Sunday's 9-2 loss at St. Louis made it official.
The 2018 edition of the Cincinnati Reds are off to the worst start in franchise history.
And remember, the Reds are the oldest franchise in professional baseball history.
Let's look at the cringe-worthy numbers:
- After 21 games, the Reds are 3-18. That's a game worse than the 1931 Reds, who started 4-17. Both the 2018 Reds and the 1931 Reds started 3-17, but Sunday's loss broke the tie. By the way, the 1931 Reds finished 59-96.
- The Reds have lost five straight games and 12 of their last 13. They have not held a lead in any of the five games involved in the current streak.
- Dating back to last season, they have lost 11 straight to the Cardinals. The Reds lost their last four games to St. Louis in 2017. From April 12 through April 15 this season, they lost four straight tot he Cards at Great American Ball Park. Then they dropped all three games of this past weekend's series in St. Louis' Busch Stadium.
- They are now 0-3 under interim manager Jim Riggleman, who took over when Bryan Price was fired on April 19. Not that it was all Price's fault, as was pointed out both by Fangraphs and by the Cincinnati Enquirer's John Fay.
- Sunday's starting pitcher Luis Castillo continues to struggle. After posting a 3.12 ERA in 15 starts last season, Castillo is 1-3 with a 6.51 ERA this season. The 25-year-old has seen his velocity drop from an average of 97.5 last season to 95.5 this year, according to Fangraphs.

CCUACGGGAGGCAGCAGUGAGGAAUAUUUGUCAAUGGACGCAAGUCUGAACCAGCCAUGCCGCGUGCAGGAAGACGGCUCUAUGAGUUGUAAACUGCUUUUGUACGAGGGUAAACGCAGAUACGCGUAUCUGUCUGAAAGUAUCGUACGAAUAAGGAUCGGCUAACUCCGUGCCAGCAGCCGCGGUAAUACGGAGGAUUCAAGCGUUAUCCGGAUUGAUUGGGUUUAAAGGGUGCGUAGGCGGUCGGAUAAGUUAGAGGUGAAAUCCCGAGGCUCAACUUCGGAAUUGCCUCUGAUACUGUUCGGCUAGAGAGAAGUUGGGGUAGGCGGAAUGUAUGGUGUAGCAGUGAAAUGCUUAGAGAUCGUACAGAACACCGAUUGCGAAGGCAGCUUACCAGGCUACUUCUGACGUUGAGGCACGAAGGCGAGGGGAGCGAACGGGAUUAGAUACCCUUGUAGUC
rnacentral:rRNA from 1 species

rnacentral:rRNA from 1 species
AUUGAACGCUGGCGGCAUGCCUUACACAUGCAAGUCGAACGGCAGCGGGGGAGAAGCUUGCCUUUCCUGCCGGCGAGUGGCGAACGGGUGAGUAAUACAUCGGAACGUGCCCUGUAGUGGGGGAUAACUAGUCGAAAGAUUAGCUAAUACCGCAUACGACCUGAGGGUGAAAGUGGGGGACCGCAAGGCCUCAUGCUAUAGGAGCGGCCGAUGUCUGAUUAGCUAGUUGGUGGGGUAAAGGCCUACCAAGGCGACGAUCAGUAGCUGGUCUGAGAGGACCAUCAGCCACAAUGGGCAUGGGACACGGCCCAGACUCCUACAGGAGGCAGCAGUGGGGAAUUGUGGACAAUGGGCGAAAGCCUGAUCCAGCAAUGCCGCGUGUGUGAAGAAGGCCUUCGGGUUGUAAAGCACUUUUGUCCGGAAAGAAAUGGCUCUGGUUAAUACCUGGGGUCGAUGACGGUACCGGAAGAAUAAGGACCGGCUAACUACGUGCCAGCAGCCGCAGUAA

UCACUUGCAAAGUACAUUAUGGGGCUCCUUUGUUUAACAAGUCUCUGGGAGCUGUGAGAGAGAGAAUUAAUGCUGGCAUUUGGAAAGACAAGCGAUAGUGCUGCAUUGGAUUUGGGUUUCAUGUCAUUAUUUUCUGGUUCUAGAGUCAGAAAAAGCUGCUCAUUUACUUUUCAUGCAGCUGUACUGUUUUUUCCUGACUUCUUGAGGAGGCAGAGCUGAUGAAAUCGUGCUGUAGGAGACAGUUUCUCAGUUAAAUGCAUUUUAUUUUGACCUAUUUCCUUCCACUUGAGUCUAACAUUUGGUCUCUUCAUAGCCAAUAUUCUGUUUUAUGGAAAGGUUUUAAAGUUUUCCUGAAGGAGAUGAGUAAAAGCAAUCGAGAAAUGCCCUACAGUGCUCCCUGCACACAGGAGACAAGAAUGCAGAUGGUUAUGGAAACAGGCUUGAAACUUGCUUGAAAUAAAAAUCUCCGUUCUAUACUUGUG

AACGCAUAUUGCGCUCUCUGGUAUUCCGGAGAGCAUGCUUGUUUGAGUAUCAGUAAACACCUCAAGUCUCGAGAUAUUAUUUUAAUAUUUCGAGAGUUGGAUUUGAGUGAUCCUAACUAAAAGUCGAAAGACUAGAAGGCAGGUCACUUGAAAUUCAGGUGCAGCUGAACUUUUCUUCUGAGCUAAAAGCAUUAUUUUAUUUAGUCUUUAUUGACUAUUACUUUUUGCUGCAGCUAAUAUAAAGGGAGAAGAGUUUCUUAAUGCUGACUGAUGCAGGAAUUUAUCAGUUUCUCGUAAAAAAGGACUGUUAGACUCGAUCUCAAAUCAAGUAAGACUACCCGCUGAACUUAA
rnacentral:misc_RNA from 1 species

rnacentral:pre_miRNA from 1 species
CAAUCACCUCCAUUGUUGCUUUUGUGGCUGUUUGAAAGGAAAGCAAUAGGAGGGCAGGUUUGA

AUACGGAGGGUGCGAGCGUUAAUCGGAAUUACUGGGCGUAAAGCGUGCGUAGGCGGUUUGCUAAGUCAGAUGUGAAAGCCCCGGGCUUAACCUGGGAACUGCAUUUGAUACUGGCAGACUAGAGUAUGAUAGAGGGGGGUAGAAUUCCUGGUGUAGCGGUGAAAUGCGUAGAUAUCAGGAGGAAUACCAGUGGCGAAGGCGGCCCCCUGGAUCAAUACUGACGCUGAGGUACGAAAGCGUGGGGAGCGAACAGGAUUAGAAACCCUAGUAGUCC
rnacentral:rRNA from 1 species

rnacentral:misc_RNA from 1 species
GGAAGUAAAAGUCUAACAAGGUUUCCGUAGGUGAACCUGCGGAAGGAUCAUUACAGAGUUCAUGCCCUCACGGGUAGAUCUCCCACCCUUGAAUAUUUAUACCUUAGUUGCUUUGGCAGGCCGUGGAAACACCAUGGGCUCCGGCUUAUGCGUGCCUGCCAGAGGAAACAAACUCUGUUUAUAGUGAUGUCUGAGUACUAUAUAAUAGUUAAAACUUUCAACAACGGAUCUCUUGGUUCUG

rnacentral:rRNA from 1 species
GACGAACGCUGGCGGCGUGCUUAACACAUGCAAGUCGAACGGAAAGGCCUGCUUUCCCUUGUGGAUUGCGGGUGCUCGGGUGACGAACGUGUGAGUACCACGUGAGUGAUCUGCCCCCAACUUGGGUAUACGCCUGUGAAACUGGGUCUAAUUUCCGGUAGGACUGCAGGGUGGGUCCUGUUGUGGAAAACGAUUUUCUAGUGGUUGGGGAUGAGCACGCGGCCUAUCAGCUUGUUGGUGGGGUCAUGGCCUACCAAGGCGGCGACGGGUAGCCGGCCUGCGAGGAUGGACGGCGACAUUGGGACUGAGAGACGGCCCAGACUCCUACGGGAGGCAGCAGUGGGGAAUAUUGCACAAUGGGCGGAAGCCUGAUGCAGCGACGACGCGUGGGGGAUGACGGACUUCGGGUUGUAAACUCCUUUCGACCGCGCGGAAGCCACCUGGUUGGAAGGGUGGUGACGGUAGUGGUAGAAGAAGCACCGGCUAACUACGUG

- Castillo is not alone among the Reds' rotation. Tyler Mahle is 1-3 with a 5.14 ERA. Sal Romano is 0-2 with a 5.75 ERA. Back from the disabled list, Brandon Finnegan has an 11.05 ERA over his two starts and has walked eight batters in 7.1 innings.
- Homer Bailey has pitched well, posting a 3.68 ERA in 29.1 innings over five starts, but the veteran has nothing to show for it, his record being 0-3.
- Injuries haven't helped. Power-hitting outfielder Scott Schebler has just returned from the DL after he was hit on the elbow by a pitch in the season's opening series against Washington. In the next series, at Pittsburgh, third baseman Eugenio Suarez suffered a broken right thumb when hit by a pitch. Suarez is reported to be ahead of schedule in his rehab, which is good. Since Suarez's injury, Reds' third basemen were hitting .109 with one RBI heading into Sunday.
- Almost none of the Reds are hitting, actually. The team is 24th out of the 30 MLB teams in on-base percentage at .299. The Reds are 27th in batting average at .220. They are 29th in OPS at .609. They are 30th in home runs with 11. Were that pace to continue, they would hit 89 home runs. They hit 219 last year. The Reds have not homered since April 15.
- Some batting averages of note: Utility infielder Cliff Pennington is hitting .125; utility infielder Phil Gosselin is hitting .130; outfielder Adam Duvall is hitting .171; starting centerfielder Billy Hamilton is hitting .172; backup catcher Devin Mesoraco is hitting .192.
- Overall, Reds pitching ranks 28th in ERA at 5.55. The bullpen ranks 26th in ERA at 5.30. Really, the bullpen has not been that bad. Both Amir Garrett and Wandy Peralta have not allowed a run in 9.2 innings each. Raisel Iglesias has a 1.08 ERA over 8.1 innings. Jared Hughes has a 2.70 ERA over 10 innings.
- The bullpen numbers are skewed by Tanner Rainey allowing seven runs over two innings. Yovani Gallardo allowed eight runs over 2.1 innings before being designated for assignment. Zack Weiss allowed four runs without recording an out before being sent back to the minors.
- Kevin Quackenbush has allowed 11 runs over nine innings this season. The 29-year-old right-hander posted a 7.86 ERA in 20 appearances with San Diego last season. Over the last two seasons, he has allowed 34 earned runs over 35.1 innings.
- The Reds open a four-game series against the visiting Atlanta Braves on Monday. First pitch is at 6:40 p.m. If you're brave, WLXG-1300 has the local radio coverage.
Cincinnati Reds 2018